The Courage to Start Again: MBA Graduate Beginning New Career in the Netherlands
Simony Oliveira Left High-profile Job in Brazil to Pursue her Dreams
Before moving to the Netherlands to study for an MBA degree in Health & Social Care at Wittenborg, graduate Simony Oliveira had to make a major life decision. In order to pursue her dream of living abroad, she had to leave behind a 10-year career and a management position at Brazilian mixed-capital corporation Petrobras, one of the biggest oil and gas companies in the world.
Originally from a very small town named Vinhático in the state of Espírito Santo, Brazil, Simony has always been on the move. After completing a bachelor’s degree in psychology from the Federal University of Espírito Santo in Vitória, the state capital, she later obtained a master’s diploma from the Fluminense Federal University in Niterói, a city in the state of Rio de Janeiro.
A brief period as a university lecturer was followed by five years living in England, from 2004 to 2009, during which time she perfected her English. However, things did not work out quite as planned and Simony decided to move back to Brazil. After her return, she participated in a selection process organised by Petrobras and was hired by the company to work as an organisational psychologist.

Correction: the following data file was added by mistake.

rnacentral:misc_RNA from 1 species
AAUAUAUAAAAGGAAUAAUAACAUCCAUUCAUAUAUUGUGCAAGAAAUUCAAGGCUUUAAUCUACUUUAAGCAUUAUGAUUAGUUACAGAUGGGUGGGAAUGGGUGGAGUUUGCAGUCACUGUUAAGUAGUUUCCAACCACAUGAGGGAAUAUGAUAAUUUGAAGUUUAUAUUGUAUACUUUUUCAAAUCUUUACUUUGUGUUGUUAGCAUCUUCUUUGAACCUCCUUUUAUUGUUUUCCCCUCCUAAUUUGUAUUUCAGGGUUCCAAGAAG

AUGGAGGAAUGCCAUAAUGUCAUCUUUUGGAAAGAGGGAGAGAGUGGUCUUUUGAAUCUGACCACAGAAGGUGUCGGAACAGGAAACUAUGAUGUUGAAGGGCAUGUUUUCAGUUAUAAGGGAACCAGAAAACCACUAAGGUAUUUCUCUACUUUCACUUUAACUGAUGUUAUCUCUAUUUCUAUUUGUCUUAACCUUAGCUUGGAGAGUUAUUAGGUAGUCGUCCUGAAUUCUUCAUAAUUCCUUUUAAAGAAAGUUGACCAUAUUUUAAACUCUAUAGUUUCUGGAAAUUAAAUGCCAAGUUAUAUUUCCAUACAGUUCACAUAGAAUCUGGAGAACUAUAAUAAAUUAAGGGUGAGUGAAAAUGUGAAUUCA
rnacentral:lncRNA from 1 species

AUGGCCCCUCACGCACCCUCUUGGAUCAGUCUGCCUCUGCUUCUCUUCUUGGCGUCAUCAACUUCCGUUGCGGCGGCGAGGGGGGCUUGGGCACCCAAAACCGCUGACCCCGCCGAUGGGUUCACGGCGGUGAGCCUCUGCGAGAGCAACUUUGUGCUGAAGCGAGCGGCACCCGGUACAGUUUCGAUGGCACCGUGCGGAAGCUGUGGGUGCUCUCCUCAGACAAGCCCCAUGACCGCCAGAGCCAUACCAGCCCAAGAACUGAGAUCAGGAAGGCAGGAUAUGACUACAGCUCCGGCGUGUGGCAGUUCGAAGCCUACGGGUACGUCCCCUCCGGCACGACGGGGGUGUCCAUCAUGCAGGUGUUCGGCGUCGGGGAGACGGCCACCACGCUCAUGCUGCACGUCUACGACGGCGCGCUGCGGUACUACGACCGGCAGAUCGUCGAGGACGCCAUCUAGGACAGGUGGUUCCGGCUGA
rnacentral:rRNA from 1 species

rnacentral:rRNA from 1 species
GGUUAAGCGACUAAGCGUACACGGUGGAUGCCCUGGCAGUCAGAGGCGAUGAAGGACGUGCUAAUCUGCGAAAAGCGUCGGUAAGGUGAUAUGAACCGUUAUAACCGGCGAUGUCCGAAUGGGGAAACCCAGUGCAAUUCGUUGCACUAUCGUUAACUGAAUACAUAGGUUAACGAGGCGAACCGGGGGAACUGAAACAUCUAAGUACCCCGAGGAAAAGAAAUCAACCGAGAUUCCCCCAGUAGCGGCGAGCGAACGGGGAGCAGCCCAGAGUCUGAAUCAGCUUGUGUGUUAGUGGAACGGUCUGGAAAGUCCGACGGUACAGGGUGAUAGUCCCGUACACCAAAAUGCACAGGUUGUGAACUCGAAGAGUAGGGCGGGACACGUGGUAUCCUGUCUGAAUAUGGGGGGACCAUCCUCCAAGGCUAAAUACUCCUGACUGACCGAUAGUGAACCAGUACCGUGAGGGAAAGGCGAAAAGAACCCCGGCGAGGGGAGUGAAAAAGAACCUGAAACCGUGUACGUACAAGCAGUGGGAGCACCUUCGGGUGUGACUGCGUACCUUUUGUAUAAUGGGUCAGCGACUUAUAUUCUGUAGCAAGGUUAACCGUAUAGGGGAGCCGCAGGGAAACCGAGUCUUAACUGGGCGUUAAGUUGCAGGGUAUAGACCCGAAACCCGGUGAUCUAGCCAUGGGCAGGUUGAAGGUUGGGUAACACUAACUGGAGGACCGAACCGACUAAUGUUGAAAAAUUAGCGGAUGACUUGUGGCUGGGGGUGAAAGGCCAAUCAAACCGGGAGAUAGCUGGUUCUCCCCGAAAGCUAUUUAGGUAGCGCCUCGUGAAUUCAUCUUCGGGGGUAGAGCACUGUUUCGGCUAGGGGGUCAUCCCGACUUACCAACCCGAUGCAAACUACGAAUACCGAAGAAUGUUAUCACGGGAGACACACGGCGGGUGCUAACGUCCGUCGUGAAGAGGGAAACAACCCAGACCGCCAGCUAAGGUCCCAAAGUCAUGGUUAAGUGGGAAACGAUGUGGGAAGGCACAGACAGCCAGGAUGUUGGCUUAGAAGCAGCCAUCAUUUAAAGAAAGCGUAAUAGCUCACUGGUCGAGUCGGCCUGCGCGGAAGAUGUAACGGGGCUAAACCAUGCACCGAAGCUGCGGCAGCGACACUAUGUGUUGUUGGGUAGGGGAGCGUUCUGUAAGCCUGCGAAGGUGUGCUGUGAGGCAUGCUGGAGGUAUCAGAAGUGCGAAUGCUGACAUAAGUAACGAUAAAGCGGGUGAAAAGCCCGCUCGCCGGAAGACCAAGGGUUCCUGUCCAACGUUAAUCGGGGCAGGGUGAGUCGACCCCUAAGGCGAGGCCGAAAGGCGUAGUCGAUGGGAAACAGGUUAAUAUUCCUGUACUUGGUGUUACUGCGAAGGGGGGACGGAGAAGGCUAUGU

Since 2016, Simony had been travelling regularly to the Netherlands and fell in love with the country, the Dutch culture and language, which she began to study. At the same time, she felt that she had reached the peak of her current career. “It was a wonderful job and I am very grateful I had this opportunity, but eventually I felt that while I had a good salary and a stable life, I no longer had any challenges. Initially, I requested to be transferred to Petrobras’ Rotterdam office, but it didn’t work out. That was when it became clear to me that I would have to leave my job so that I could start a new life in the Netherlands,” the graduate highlights.